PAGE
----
Jodie's Story

Jodie's Story

Our pregnancy was very straightforward and "textbook" up until 23 weeks. All our scans had gone well - I clearly remember our obstetrician telling us after our 20 week scan that we would "definitely have our baby home for Christmas" (I was due on 19th December).

It sounds trite, but 22nd August really was just like any other day. I went to work, came home, and with my husband took our dog for a walk. My husband was cooking dinner that evening when I felt a drawing down sensation - no pain, but definitely a new feeling. I initially put it down to the usual pregnancy aches and pains but it quite quickly escalated to intense cramping which I soon realised were contractions. This was the furthest along I had been in a pregnancy (I had an early miscarriage the year before), and so all these feelings were a new experience.

Trying to remain calm, I remember calling the Mater asking for advice but soon realised I was in over my head when I couldn't speak through the pain. My husband drove me to hospital - a horrible, seemingly endless journey which really only probably took 15 minutes. On arrival I signed a form saying that if I wasn't admitted that night I was aware I would have to pay a fee. I suspected then that my unplanned trip to hospital wouldn't be that straightforward but I honestly believed the staff could help me. After all, I was way past the "danger" zone of pregnancy. We had heard our baby's heartbeat. This was just a hiccup to work through.

While waiting for the obstetrician I began vomiting and passing blood. I was trying to hold it together but it felt as though I no longer had control over my body. After examining me the obstetrician didn't mince his words - I would be delivering our baby that night.

Then came the realisation that there was nothing anyone could do. Our little boy wasn't at "viability" - what an awful phrase. All the medical brilliance in the world couldn't put a halt to what my body was wanting to do.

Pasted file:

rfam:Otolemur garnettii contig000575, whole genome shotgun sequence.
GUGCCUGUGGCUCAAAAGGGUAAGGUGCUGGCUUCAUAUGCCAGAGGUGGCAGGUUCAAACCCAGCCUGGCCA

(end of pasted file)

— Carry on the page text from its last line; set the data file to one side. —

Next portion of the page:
At 5.12am on Tuesday 23rd August, about ten hours after that first pain, our son Alistair Gerald Jones entered the world. There was no shouting or urging or words of encouragement, no rush of staff in the birth suite - he entered silently, just as he slipped away from us.

I remember wondering after he had been born what would happen now. Hospitals were for sick people, and I wasn't unwell, physically as least. I didn't have to have lessons in how to change our baby's nappy, or how to bath him (we would only bath him once, which is one of the most precious memories I have). I honestly believed we would be sent home that day. Instead, we were taken to floor nine to be welcomed by some of the most beautiful people I have ever met. The Mater Bereavement team welcomed me, my husband and our son - our little family - and showed us the most special care. They encouraged us to make memories with our little boy, and were never afraid to speak his name. This is one of the greatest gifts which can be given to us.

Leaving the hospital without our baby was the most awful experience of my life. I wouldn't wish this upon anyone. It's unnatural and not how things should be. Despite this though, I do feel thankful that we were given time with Alistair - to cuddle him and dress him and bath him, and take endless photos of. To think that not long ago this wasn't "the done thing" - that truly breaks my heart.

We are still in touch with the bereavement team. On Alistair's birthday we go and visit them - perhaps it's odd to visit a hospital on such a day but for us, it was the place where the gift was given to us to make some beautiful memories - and really, this is all we have now.

We have since gone on to have another child, Clara. We tell her about her big brother, and some of the first visitors we had after she was born was the bereavement team. They provided so much support during that awfully frightening pregnancy - I don't really know how I would have coped without them.

For anyone who knows of someone who has lost a baby - please don't be afraid to say their name. This is honestly the best gift you could give. Don't worry that you will make us sad - I can guarantee that we are already thinking of them. They are and always will be in our thoughts. My greatest fear is that Alistair will be forgotten, and it's my job to make sure this never happens.
 

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